Incorporating bends into furniture will make the piece. They add attractiveness, creativity, style, and art to an otherwise simple product. Some projects are impossible to complete without bending. For example, fishnets, snowshoes, canoes, boats, and guitars rely on bending to the max.
Bending can be an enjoyable process if these simple principles are followed.
1. Select the right method of bending for the task.
~Will your bend have to support itself? Or will it be braced by other parts of your project?
~Some types of bends will work better in various operations.
2. Always consider your choice of wood for bending. Some woods bend better than others.
~Select a straight-grained piece for a higher quality bend. Knots and curved grain will result in cracks and splits.
~Quarter-sawn wood is better for bending then flat-sawn.
3. Design forms or molds that are effective and well suited for the bending operation at hand. These are required for most bending operations.
This small fishnet displays an example of two types of bending, lamination bending and hydro bending.
Taking two or more pieces to achieve a certain thickness and degree of bend. A mold is required for this operation, it holds the degree of bend while the glue cures. You will need to use thin stock, amounting in several thin laminations for tight bends (1/8”-1/4”). For larger bends you can use thicker laminations (3/8”-5/8”).
Make a two-part mold by removing the middle section of a laminated block.
Plan on spring back! After stock is removed from the mold or form, the work piece often expands slightly straighter than the curve of the mold. Another method of holding spring back is to incorporate a brace to hold the bend on your project. However, be aware that too much tension will likely self-destruct your project.
Re-saw your stock! To prevent waste re-saw your stock on the tablesaw or bandsaw using a fence.
Gluing Make sure you select the appropriate type of glue for your bend. Remember some glues are rigid and some are non-rigid. Non-ridged glues will lose their bend unless “clamped” in place.
Cutting kerfs or saw cuts across or with the direction of the grain, causing the stock to bend. This practice is more effective when cutting kerfs with the grain. Always back your kerf bending with a thin lamination on the backside. This will help hold the desired shape for a lifetime.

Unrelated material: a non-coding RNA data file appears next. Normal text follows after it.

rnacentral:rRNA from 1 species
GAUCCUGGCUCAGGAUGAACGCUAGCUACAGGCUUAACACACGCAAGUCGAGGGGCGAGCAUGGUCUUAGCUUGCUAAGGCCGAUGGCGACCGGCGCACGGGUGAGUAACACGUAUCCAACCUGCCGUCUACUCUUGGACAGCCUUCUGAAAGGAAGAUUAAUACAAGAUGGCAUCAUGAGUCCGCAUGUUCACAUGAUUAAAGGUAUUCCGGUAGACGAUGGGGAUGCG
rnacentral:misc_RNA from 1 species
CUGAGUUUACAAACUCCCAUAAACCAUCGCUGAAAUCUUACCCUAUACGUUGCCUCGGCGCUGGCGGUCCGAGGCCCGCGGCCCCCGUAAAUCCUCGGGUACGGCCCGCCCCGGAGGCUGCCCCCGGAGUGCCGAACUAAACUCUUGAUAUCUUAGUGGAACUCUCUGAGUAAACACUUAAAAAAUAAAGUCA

Practice kerf bending on a scrape piece!
-Cutting kerfs too deep will leave lines on the visible surface of the bend.
-Cutting kerfs too deep will result in a break on the bend.
-Cutting kerfs too shallow will not allow the work piece to bend.
Appling steam to the wood to help soften grain fibers causing it to bend. Requires a steam box or enclosure, which can trap the steam and help it absorb into the wood. Caution: Steam can be pressurized, to much pressure will result in an explosion.
-Source of steam can be as simple as a kettle on a one-burner stove.
-Wood should be steamed for one hour for every ¼” of thickness.
-Use care not to over steam the wood, this will weaken it.
-Use a flexible metal strap on the backside of the bend as a support for difficult bends.
-When steaming multiple pieces, allow room for the steam to flow between each piece.
-Tilt the steam box slightly so the water can run out the other end.
-Use three different supports, all at different heights.
An economical stream oven for occasional uses
For Under $50
AVOID STEAL OR IRON FASTENERS IN YOUR STEAM BENDER, THE COMBINATION OF TANIC ACID IN THE WOOD, MOISTURE AND IRON WILL STAIN YOUR WOOD BLACK
Soaking wood in water for a period of time to enhance the flexibility of the wood and allow it to bend. The stock will need to be fairly thin for this operation. If the stock is too thick the water will never make it to the middle of the stock.
Soaking can be done in:
-Aluminum or vinyl gutter.
-Ceramic Cylinder or Container.
AVOID STEAL OR IRON FASTENERS IN YOUR SOAKER, THE COMBINATION OF TANIC ACID IN THE WOOD, MOISTURE AND IRON WILL STAIN YOUR WOOD BLACK
Soaking too long can cause damage! The grain structure is weakened significantly if left submerged in water for too long.
Using veneer or thin plywood to accomplish a bend. A form or mold is necessary for all veneer bending. Veneer is sometimes permanently adhered to the mold or a form that will remain part of the project.
-Use vacuum pressure to accomplish quality veneer bends.